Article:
There are less than 10 days left of session before the Legislature goes home until next year but there are still several uncontroversial housing bills that should be a priority for lawmakers right now. These bills would update existing laws to allow New York City to continue moving forward on its affordable housing agenda and protect homeowners from predatory practices:
421-a Construction Deadline Extension – State legislation is necessary to extend the deadline to complete construction from 2026 to 2030 for 421-a projects already in the pipeline to ensure that affordable housing promised to communities is delivered. The most-recent 421-a program required that developers build foundations by June 30, 2022 and complete construction by 2026 in order to qualify for the program. However, projects are facing unexpected delays coming out of the pandemic with staffing shortages and economic challenges. Impacted projects, including those in the recent Gowanus rezoning, will not be able to complete construction by 2026, putting the affordable units at risk.
Rachel Fee, Executive Director of NYHC and Michelle de la Uz, Executive Director of the Fifth Avenue Committee explain in an City Limits op-ed that mixed income projects all across the city need this deadline extended, especially in Gowanus where thousands of affordable units are at stake.
“Gowanus is a critical example, but there are other mixed-income projects with much needed affordable housing comprising thousands more apartments across the city—many in high opportunity communities, and all of which were duly approved through the city’s land-use process—that need the deadline extended in order to happen.”
Housing Affordability, Resiliency, and Energy Efficiency Investment Act (HAREEIA): S2985C/A6655 (Kavanagh/Rosenthal) – would modernize the NYC Department of Housing Preservation and Development’s (HPD) loan authority which is necessary for the City to achieve housing goals. The current loan authority, which has not been updated for 50 years places significant limitations on HPD’s ability to support a wide range of housing needs. HAREEIA would allow HPD to:
- Facilitate more affordable housing by increasing HPD’s lending terms from the current 30 to 40 years with extensions. With rising interest rates, it’s important for HPD to be able to utilize 40 year terms to lower costs, allowing buildings to support deeper affordability. There are also at least 75 HPD projects with 30-year loan limits coming due. If HPD can’t extend these loans, the affordability and stability of this stock will be at risk.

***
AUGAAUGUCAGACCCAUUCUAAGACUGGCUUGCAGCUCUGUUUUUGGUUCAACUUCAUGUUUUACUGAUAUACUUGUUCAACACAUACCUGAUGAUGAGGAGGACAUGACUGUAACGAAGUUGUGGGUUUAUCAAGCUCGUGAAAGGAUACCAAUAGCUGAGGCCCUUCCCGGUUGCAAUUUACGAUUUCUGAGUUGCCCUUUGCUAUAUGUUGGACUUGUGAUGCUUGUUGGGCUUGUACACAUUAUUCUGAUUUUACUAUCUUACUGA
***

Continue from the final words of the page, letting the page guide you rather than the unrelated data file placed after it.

- Strengthen climate resiliency in our housing stock by specifying that HPD’s loan authority extends to climate resiliency improvements, allowing it to proactively loan solely for resiliency improvements such as solar panels, moving utility systems to roofs, elevating foundations to prepare for potential flooding, etc
- Support Community Land Trusts (CLTs) and other projects that use a ground lease structure where HPD currently has very limited authority
Expand the number of New Yorkers who can afford down payments by allowing HPD to provide down payment assistance using City dollars. They can currently only use federal dollars for this purpose
- Assist more homeowners with needed improvements by removing the dollar caps on loans so HPD can make loans based on current market conditions. Currently HPD cannot loan more than $35,000 for moderate rehabs, and $60,000 for 1-4 unit homes.
- Finance non-residential facilities that are necessary to create or preserve affordable housing such as a Mitchell-Lama parking garage redevelopment
New J-51 Preservation Tax Incentive: S4709A (Kavanagh) would update the expired J-51 program by updating allowable costs, streamlining the program to make benefits more predictable, target low-cost and affordable housing and include additional tenant protections to ensure compliance. A new J-51 program is vital to maintaining the quality and long-term viability of the city’s low-cost multifamily housing stock especially when many building owners deferred maintenance during the COVID-19 pandemic, labor and material costs have increased dramatically and interest rates continue to rise. The new program would:
- Provide an abatement that covers up to 70% of the lesser of the certified reasonable cost of the eligible work or the amount spent. Abatement value may be spread over 12-20 years, using a max of 8.33% of value per year The annual abatement also may not exceed 50% of the amount of taxes payable in such 12-month period.
- Target low-cost affordable buildings in which at least 50% of the units have rents affordable to households below 80% of area median income as well as Mitchell-Lama and government-subsidized housing and homeownership with assessed value not exceeding $45,000/unit.